Matchbook Betting Exchange
Betting exchanges are a hard industry to crack. To prove that, there are only four competitors in the marketplace. Betfair, Smarkets, Betdaq and Matchbook. All have their own benefits and drawbacks. In this Matchbook review, we’ll cover the key areas to consider when choosing a betting exchange and find out whether they are a good option for matched betting.
Matchbook was founded back in 2004 by a group of professional sports bettors and investors. Much like Betfair, they had one goal; to remove the need for traditional bookmakers.
Over the years, Matchbook have struggled to remain competitive in what is an incredibly challenging industry, dominated by one giant company; Betfair. Betfair have maintained over 90% market share in the time they’ve been running. In 2011 Matchbook sold out to TripleBet Ltd as they struggled to stay afloat.
Having said that, Matchbook are still one of the most popular betting exchanges in the industry. They offer a brilliant commission rate and an incredibly easy to use website. Both of these features set Matchbook apart in the betting exchange world.
What is a Betting Exchange?
A betting exchange is a peer to peer marketplace where punters with differing opinions on the outcome of an event are matched together. At a betting exchange, you can place two kinds of bet. A back bet and a lay bet.
A back bet is the most common bet type and it’s what you’d place if you went to your local high-street betting store. For example I might back Andy Murray to beat Roger Federer. This is a back bet as I’m backing Andy Murray to win.
A lay bet is just the opposite. Using the same example above, I’d now bet that Andy Murray would not beat Roger Federer. It’s the same as betting an outcome will not happen. You can only place this kind of bet at a betting exchange.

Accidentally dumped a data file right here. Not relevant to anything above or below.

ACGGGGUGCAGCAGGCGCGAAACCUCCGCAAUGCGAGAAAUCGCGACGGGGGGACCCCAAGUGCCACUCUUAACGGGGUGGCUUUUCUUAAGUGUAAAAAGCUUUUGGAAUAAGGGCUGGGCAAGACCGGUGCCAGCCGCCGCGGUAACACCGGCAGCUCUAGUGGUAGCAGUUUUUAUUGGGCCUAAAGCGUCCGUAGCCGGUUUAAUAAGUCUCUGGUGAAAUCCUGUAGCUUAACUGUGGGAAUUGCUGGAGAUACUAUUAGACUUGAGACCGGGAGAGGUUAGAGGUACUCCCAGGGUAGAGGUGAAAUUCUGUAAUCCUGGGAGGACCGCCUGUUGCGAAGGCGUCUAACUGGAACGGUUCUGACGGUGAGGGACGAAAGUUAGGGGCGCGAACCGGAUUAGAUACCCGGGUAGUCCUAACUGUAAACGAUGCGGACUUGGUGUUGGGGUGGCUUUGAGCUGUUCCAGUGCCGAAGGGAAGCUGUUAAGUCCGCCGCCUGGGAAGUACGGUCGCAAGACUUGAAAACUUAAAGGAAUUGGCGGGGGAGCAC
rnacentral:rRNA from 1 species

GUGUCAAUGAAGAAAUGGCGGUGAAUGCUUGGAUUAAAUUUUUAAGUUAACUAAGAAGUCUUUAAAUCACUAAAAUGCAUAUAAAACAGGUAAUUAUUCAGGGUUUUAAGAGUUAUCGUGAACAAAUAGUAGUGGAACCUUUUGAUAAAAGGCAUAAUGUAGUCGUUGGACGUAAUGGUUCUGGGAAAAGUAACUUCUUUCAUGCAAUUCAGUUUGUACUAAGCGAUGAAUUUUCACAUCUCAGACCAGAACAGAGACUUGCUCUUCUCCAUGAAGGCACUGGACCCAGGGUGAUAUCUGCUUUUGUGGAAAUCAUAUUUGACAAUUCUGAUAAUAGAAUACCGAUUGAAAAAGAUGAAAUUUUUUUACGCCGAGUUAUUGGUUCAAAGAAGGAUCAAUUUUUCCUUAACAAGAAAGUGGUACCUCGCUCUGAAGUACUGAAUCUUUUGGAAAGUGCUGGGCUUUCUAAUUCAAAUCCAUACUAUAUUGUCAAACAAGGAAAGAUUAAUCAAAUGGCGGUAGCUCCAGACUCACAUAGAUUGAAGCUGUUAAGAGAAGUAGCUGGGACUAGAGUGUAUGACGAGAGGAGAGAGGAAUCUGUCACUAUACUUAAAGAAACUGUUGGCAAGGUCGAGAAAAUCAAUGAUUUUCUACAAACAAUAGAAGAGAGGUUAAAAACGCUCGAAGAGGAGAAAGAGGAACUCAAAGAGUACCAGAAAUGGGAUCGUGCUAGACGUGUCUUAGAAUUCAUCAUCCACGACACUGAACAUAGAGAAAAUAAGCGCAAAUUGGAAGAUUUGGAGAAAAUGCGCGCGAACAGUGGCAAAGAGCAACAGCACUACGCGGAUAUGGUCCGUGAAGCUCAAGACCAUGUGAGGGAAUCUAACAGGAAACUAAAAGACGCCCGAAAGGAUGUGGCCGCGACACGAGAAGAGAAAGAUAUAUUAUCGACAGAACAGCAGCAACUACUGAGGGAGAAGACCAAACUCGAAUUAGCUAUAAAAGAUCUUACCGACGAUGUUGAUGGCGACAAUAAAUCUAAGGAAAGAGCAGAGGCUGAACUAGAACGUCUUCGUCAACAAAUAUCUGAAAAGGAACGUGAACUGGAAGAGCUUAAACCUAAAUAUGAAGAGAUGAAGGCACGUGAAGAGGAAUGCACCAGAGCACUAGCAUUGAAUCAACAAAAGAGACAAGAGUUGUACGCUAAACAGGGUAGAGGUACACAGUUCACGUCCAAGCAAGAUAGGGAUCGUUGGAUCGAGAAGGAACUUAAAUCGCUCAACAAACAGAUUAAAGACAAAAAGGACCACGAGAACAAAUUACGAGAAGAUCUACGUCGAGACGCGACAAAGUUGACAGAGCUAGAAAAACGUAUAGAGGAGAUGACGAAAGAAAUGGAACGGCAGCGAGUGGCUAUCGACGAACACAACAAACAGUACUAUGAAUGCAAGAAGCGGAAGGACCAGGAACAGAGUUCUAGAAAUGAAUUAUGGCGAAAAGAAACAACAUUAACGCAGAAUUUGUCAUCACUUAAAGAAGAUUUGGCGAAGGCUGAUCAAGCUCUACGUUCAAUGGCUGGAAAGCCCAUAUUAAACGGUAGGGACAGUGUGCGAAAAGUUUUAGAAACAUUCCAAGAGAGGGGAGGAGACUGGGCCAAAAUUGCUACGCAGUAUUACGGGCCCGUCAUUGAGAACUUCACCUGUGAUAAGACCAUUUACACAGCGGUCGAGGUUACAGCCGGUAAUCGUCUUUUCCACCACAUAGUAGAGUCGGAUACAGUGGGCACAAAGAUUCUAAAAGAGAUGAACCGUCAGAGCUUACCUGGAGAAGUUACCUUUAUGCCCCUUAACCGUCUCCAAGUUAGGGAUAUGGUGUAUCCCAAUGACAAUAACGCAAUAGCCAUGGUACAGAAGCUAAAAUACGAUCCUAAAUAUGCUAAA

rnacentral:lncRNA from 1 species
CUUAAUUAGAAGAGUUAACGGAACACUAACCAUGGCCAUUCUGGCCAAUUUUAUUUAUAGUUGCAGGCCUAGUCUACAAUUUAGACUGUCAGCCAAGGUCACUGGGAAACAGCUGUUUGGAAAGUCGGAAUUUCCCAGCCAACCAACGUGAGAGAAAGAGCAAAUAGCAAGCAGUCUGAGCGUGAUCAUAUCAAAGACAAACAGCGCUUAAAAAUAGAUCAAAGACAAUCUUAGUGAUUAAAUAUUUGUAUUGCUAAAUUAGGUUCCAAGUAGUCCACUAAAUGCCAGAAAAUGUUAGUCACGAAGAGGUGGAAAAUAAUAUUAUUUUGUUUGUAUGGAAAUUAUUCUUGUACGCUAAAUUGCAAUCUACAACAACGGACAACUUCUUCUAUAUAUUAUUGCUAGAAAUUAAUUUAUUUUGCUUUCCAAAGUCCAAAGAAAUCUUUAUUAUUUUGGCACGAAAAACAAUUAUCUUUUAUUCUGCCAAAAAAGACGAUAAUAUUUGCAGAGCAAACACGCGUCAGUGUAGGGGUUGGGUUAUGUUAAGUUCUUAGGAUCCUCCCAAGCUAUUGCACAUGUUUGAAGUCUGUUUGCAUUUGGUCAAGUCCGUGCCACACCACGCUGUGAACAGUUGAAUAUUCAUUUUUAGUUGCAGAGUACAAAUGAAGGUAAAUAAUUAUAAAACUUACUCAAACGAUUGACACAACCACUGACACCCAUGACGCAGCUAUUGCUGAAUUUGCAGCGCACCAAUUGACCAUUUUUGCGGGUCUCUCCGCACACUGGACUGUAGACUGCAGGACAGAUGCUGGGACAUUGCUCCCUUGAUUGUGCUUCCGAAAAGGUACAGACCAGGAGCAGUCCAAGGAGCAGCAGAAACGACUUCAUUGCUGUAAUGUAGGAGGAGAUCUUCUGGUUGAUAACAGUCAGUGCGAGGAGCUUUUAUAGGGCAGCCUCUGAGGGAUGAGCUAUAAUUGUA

Created in 2000 by Betfair, betting exchanges are a relatively new phenomenon in the betting industry. However, they’ve had a huge impact on the industry and they’re arguably the driving force behind the boom in the online betting sector.
Key considerations when choosing the best betting exchange
There are many aspects that make a great betting exchange. In the next section we’ll have a look at some of the most important ones and find out how Matchbook compares to its competitors.
The sports betting industry is built around markets. Without any markets there would be nothing to bet on. This is therefore a key area to look into when choosing the best betting exchange for your needs. Matchbook offer a great range of markets. Whilst they’re not quite on par with Betfair, there are still plenty to choose from when placing our matched bets.
Here’s a list of some of their markets: Soccer, Tennis, Boxing, Cricket, Rugby, American Football, Basketball, Baseball, Ice Hockey, Mixed Martial Arts, Esports and political markets.
Most, if not all pre-match markets transfer into in-play markets meaning you can carry on placing your matched bets as the game is played out. This also allows us to profit from in-play matched betting offers handed out by some bookies.
Markets could not exist if there was no value or price assigned to each one. That’s where odds come in. Equally as important as markets, odds are another key part of any betting firm.
With technology the way it is today, odds across most betting companies are very similar. Companies can easily check on their competitors and alter their prices appropriately. In general, this creates a fairly level playing field.
Betting exchanges usually have slightly higher odds than traditional bookies as they offer the true market price. Markets at a betting exchange are driven by the customers where as a bookie sets their own odds, building in their own profit margin.
Odds at Matchbook are therefore very similar to other betting exchanges out there. You may find a small discrepancy between Matchbook and Betfair/Smarkets for less popular markets. But stick to the popular events and you’ll find the odds are very comparable. Below is a typical example:
Below are the odds for a Premier League football game between Swansea City and Liverpool. First up are the Matchbook odds, followed by Smarkets.